Replete with many lovely diagrams and images, Wonderful Life is a wonderful book, evocative and stimulating. Reading about weird little shelly creatures at the dawn of history may not be everyone's cup of tea, but it's certainly worth a look.

Full House: The Spread of Excellence from Plato to Darwin

Harmony Books, HC, © 1996, 230 pp, ISBN #0-517-70394-7

In this book, paleontologist and zoologist Gould sets himself two goals: To explain why no one in Major League Baseball has batted over .400 in the last fifty years, and to illustrate why humans can in no way be regarded as the end result or greatest achievement of evolution on Earth. To do this, he employs a method of examining both issues which go beyond the most popular statistics and views of each.

His basic point is this: It's not enough to simply consider the most remarkable end of a set of events or objects to draw a conclusion about the set; you must instead consider the thing in its entirety (the "full house" of the subject) and examine all its facets to determine how it behaves.

In baseball, his point is that baseball players of the 1920s were performing at a lower level of ability as a whole, so the very best of them tended to be so much better than the average player that they could hit .400 in a full season. But today in the 1990s, the average player in the Major Leagues is actually getting close to the maximum potential of human physical ability, so the very best players simply don't have 'room' to be that much better than their 'merely' average peers. The very best player today and the very best player in 1925 may be equally good players, but today's player is facing much better pitching, and finds it much harder to reach that .400 mark.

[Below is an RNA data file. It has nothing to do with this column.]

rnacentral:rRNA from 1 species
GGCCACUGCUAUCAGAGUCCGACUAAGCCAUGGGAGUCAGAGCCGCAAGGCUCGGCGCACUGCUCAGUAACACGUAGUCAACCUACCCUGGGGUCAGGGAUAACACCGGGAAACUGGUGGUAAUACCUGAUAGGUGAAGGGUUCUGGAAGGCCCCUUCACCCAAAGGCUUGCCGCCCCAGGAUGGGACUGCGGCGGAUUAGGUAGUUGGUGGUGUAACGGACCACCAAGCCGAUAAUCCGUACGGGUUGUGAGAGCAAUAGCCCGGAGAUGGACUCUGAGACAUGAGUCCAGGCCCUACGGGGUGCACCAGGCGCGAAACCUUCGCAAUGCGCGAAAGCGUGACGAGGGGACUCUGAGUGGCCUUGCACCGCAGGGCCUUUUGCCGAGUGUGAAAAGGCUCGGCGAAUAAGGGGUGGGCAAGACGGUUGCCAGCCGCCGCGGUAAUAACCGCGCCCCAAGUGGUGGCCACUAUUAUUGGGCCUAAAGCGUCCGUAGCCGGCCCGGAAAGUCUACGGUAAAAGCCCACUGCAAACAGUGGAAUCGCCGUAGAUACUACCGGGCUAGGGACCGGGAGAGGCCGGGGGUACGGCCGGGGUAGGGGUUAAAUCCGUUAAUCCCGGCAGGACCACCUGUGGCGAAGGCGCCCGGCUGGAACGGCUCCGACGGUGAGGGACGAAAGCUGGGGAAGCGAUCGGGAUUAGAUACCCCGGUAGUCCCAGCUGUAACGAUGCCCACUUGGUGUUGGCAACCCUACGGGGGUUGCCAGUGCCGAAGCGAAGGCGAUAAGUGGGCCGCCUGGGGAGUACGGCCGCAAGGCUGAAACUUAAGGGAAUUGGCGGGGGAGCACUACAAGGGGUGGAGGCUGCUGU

His evolutionary point is similar, though in a sense reversed: Evolution does not have an innate trend to produce more complex or "higher" life forms; its development is entirely random. However, it appears that there is such a trend only because the initial life forms could not become less complex. There's a 'wall' at the bottom of the hierarchy of life below which complexity cannot fall. However, the variety of the simplest life forms is unmatched; Gould presents a wide variety of evidence for how bacteria are the most numerous, most diverse, and most enduring life on this planet (as well as hazarding a guess that the raw mass of all bacteria on the planet may well outweigh the mass of everything else on Earth). He further makes the point that this illusionary trend in evolution need not have produced man as an "end result" (never mind that we're almost certainly not the end of the matter), but that it could have produced nearly anything.

(As an aside, I'm always amused when I read some yokel in the paper writing about how evolution is a religion because it's no more been proven than the stories in the Bible have been. Reading Gould makes me feel that the theory of evolution is at least as reliable as our faith in what we see with our own eyes.)

Full House is an entertaining and informative book, although Gould perhaps spends a little too much time laying out his evidence for the supremacy of bacteria (eventually one is just forced to think, "ick!"). But certainly from either a baseball or a scientific perspective, it's well worth reading.

hits since 13 August 2000.